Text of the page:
Objectives: To describe the association of cigar use with use of cigarettes, smokeless tobacco, and alcohol among adolescents; and to examine the association of self-esteem, physical activity, and use of tobacco promotional items with cigar use.
Methods: A cross-sectional study of 7104 girls and 5499 boys 10 to 15 years of age in 1997. Data were collected from self-report questionnaires.
Results: The prevalence of cigar use increased with age among both girls and boys. Among 11-year-olds, only 1% of girls and 3% of boys had used a cigar, whereas among 15-year-olds, 11% of girls and 25% of boys had used a cigar. Cigar users were much more likely than nonusers to have experimented with cigarettes (girls, odds ratio [OR]: 23.6; 95% confidence interval [CI]: 17.2-32.3; boys, OR: 21.3; 95% CI: 17.1-26.6), smokeless tobacco (girls, OR: 7.5; 95% CI: 4. 5-12.4; boys, OR: 13.0; 95% CI: 9.8-17.4), and alcohol (girls, OR: 6. 6; 95% CI: 4.8-9.1; boys, OR: 6.8; 95% CI: 5.3-8.8). There was a strong association between cigar use and binge drinking, especially among boys (girls, OR: 11.6; 95% CI: 7.9-16.9; boys, OR: 34.8; 95% CI: 19.4-62.3). Cigar users reported more hours of weekly physical activity than did nonusers. Additionally, cigar users were more likely to report high social self-esteem and to possess a tobacco promotional item.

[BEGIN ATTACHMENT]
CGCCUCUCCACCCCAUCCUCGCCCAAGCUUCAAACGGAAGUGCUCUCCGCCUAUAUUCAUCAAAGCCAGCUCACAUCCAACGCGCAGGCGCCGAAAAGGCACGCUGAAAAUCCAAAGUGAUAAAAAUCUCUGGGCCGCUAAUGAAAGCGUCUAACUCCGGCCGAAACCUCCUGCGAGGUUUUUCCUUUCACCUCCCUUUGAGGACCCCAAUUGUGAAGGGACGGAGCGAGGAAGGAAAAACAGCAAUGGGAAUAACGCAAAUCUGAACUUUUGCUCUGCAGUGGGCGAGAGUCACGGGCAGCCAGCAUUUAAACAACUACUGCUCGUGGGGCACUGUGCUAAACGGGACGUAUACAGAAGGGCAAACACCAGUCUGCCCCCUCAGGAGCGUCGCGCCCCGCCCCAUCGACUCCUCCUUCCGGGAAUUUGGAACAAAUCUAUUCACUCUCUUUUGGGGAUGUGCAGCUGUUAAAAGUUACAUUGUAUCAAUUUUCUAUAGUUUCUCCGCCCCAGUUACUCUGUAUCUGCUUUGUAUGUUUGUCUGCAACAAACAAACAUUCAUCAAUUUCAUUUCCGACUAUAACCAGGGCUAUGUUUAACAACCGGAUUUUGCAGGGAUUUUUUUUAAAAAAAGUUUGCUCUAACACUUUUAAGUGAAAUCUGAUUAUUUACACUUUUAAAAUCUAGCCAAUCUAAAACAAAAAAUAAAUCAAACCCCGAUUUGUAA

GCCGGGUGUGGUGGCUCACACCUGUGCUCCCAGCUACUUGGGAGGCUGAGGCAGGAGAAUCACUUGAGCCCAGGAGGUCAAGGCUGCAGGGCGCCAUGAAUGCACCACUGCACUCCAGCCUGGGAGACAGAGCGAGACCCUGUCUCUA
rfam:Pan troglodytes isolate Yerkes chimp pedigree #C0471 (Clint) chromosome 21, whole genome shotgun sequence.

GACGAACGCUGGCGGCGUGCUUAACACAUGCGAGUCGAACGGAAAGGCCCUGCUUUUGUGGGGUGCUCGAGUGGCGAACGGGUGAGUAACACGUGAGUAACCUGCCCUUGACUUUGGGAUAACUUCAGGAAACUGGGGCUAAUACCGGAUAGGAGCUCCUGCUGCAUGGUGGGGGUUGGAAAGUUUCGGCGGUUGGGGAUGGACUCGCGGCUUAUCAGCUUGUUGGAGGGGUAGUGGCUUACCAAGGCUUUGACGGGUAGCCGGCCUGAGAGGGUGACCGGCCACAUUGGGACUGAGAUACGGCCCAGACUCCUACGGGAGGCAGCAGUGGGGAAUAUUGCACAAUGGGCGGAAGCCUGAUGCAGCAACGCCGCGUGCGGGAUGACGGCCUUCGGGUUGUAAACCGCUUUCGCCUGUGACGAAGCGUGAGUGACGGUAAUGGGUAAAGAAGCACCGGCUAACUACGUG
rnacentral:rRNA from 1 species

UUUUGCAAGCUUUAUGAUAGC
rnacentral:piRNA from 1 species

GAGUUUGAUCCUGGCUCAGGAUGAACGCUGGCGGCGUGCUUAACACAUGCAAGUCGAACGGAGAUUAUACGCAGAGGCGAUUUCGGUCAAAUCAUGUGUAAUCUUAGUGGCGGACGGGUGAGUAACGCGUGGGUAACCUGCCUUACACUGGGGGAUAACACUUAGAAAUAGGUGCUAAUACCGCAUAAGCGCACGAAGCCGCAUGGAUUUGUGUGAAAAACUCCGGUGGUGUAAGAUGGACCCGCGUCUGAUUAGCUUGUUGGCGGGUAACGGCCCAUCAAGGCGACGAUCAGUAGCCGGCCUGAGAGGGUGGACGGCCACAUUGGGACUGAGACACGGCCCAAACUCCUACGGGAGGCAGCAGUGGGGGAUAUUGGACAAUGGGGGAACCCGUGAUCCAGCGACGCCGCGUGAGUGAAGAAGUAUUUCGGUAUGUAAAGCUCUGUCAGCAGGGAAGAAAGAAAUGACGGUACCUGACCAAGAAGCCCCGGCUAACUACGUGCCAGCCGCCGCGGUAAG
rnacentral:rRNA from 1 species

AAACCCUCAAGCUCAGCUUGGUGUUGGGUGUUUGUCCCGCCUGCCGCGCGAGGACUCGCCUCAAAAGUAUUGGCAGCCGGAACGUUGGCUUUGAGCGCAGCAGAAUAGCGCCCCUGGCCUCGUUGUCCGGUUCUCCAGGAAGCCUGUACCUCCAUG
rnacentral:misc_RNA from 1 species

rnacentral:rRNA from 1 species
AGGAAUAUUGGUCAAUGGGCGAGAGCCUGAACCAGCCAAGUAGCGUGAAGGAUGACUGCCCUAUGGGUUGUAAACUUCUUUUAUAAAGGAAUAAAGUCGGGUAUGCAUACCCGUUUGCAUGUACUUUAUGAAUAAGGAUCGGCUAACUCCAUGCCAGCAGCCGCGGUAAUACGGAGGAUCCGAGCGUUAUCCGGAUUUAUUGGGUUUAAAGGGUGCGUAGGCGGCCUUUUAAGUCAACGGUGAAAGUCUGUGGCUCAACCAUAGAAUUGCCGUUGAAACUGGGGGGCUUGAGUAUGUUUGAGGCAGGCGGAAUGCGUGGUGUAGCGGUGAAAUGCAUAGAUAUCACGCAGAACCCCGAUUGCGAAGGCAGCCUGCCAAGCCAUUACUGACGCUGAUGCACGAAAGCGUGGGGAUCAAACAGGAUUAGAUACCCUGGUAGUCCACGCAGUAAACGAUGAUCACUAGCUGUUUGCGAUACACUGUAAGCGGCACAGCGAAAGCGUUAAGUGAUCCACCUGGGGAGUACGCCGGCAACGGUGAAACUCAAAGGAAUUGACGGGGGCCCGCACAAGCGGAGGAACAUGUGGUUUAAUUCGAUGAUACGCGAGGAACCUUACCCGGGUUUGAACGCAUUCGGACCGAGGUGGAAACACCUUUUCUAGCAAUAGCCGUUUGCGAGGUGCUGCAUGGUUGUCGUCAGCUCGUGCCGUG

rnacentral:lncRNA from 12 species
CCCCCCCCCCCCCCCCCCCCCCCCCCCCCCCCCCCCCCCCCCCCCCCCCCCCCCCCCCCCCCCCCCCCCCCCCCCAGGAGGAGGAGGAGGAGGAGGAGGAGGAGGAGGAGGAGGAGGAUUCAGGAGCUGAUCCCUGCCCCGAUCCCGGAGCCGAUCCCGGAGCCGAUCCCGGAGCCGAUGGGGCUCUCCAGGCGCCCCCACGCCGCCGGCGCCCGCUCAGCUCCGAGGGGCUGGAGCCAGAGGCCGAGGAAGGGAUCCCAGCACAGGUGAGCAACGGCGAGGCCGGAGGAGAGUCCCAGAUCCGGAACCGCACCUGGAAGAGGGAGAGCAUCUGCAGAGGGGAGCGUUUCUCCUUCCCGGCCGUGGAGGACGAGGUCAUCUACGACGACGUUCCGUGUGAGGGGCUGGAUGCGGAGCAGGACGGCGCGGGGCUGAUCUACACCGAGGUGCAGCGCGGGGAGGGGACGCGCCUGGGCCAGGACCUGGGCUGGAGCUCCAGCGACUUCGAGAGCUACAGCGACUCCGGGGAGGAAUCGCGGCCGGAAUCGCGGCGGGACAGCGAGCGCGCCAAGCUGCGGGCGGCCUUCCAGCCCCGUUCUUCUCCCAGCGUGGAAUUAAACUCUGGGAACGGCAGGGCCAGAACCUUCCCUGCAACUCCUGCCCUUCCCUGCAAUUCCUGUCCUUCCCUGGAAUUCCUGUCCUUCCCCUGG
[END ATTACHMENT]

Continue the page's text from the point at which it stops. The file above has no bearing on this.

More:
Conclusions: Adolescents who use cigars are more likely to use other tobacco products and alcohol, to report high social self-esteem, and to possess tobacco promotional items. Health care professionals and teachers should include cigar use in discussions with adolescents addressing substance use.